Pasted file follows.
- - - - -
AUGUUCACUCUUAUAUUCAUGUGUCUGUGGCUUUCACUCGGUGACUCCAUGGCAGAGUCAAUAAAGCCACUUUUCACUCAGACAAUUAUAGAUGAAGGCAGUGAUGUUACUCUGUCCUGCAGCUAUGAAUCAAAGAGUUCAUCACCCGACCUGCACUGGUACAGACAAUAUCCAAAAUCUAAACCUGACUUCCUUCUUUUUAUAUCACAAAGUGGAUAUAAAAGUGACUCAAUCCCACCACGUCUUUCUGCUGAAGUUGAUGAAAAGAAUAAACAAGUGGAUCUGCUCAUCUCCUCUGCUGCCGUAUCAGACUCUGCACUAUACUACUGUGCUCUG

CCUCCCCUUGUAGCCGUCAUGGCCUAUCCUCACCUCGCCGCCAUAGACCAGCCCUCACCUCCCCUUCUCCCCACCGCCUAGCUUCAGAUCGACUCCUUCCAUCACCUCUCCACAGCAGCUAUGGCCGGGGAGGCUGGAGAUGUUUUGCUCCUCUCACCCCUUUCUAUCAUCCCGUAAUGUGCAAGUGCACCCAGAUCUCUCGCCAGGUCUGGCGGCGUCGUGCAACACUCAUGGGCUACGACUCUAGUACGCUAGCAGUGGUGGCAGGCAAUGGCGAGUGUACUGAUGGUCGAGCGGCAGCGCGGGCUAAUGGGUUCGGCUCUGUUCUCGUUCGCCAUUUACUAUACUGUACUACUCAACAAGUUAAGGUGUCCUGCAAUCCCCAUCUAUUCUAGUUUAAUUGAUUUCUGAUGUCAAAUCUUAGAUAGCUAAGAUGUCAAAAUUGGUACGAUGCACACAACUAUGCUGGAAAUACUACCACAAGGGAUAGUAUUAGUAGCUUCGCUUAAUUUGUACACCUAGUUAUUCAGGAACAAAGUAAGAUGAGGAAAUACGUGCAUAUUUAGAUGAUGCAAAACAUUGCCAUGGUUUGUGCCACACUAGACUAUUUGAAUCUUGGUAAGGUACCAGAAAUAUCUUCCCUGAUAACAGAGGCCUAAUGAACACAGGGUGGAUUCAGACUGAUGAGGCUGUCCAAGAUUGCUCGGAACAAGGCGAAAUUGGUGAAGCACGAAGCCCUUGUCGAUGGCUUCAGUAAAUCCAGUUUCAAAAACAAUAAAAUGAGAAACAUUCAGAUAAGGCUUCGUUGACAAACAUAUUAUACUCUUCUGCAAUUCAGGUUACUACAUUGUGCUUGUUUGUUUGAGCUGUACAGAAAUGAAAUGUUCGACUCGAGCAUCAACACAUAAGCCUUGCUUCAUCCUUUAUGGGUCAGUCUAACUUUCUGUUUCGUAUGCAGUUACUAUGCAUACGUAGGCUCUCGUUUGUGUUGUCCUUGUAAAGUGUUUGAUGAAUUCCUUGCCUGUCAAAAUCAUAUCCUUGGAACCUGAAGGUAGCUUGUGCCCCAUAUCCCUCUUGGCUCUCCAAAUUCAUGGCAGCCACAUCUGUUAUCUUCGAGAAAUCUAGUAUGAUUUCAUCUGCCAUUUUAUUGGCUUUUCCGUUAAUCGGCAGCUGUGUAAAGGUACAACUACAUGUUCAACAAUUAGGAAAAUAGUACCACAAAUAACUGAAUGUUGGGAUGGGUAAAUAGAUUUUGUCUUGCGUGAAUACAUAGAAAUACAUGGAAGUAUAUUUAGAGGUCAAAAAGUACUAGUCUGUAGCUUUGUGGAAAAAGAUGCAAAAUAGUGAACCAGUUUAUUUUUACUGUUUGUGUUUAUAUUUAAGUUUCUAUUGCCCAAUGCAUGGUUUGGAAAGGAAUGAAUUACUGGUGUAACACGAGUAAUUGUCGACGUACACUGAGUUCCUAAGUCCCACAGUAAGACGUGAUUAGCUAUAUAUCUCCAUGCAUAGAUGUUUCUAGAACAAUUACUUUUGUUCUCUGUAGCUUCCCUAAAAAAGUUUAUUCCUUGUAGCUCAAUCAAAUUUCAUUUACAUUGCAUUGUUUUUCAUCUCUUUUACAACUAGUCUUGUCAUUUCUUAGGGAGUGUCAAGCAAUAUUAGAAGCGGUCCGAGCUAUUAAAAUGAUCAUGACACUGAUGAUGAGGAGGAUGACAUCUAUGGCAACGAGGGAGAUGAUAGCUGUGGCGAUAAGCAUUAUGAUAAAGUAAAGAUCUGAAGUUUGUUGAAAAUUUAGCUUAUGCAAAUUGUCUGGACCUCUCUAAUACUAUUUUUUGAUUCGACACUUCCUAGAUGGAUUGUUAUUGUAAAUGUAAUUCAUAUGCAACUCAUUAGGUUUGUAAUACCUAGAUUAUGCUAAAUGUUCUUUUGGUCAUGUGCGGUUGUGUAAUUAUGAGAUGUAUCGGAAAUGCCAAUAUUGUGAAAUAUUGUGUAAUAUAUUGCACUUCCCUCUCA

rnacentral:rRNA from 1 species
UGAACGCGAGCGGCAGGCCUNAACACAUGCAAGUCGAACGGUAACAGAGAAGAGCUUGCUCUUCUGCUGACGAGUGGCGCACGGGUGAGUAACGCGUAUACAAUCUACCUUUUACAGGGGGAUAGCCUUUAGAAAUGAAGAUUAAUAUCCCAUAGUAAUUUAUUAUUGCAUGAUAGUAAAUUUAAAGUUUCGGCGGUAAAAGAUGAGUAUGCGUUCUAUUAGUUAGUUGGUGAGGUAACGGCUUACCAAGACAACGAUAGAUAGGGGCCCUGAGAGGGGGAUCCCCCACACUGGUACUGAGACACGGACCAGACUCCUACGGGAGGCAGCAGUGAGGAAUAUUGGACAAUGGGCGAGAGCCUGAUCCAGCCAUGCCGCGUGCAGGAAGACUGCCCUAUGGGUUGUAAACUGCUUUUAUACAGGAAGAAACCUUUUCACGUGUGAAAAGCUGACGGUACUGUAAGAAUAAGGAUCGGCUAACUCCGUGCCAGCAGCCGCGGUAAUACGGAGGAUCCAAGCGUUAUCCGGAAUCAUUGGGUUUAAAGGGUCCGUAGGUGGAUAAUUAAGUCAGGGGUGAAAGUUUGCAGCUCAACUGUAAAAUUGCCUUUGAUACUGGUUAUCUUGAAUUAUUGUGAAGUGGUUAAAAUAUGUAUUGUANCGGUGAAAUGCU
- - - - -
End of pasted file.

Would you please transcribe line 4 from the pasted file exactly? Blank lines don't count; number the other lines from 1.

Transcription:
UGAACGCGAGCGGCAGGCCUNAACACAUGCAAGUCGAACGGUAACAGAGAAGAGCUUGCUCUUCUGCUGACGAGUGGCGCACGGGUGAGUAACGCGUAUACAAUCUACCUUUUACAGGGGGAUAGCCUUUAGAAAUGAAGAUUAAUAUCCCAUAGUAAUUUAUUAUUGCAUGAUAGUAAAUUUAAAGUUUCGGCGGUAAAAGAUGAGUAUGCGUUCUAUUAGUUAGUUGGUGAGGUAACGGCUUACCAAGACAACGAUAGAUAGGGGCCCUGAGAGGGGGAUCCCCCACACUGGUACUGAGACACGGACCAGACUCCUACGGGAGGCAGCAGUGAGGAAUAUUGGACAAUGGGCGAGAGCCUGAUCCAGCCAUGCCGCGUGCAGGAAGACUGCCCUAUGGGUUGUAAACUGCUUUUAUACAGGAAGAAACCUUUUCACGUGUGAAAAGCUGACGGUACUGUAAGAAUAAGGAUCGGCUAACUCCGUGCCAGCAGCCGCGGUAAUACGGAGGAUCCAAGCGUUAUCCGGAAUCAUUGGGUUUAAAGGGUCCGUAGGUGGAUAAUUAAGUCAGGGGUGAAAGUUUGCAGCUCAACUGUAAAAUUGCCUUUGAUACUGGUUAUCUUGAAUUAUUGUGAAGUGGUUAAAAUAUGUAUUGUANCGGUGAAAUGCU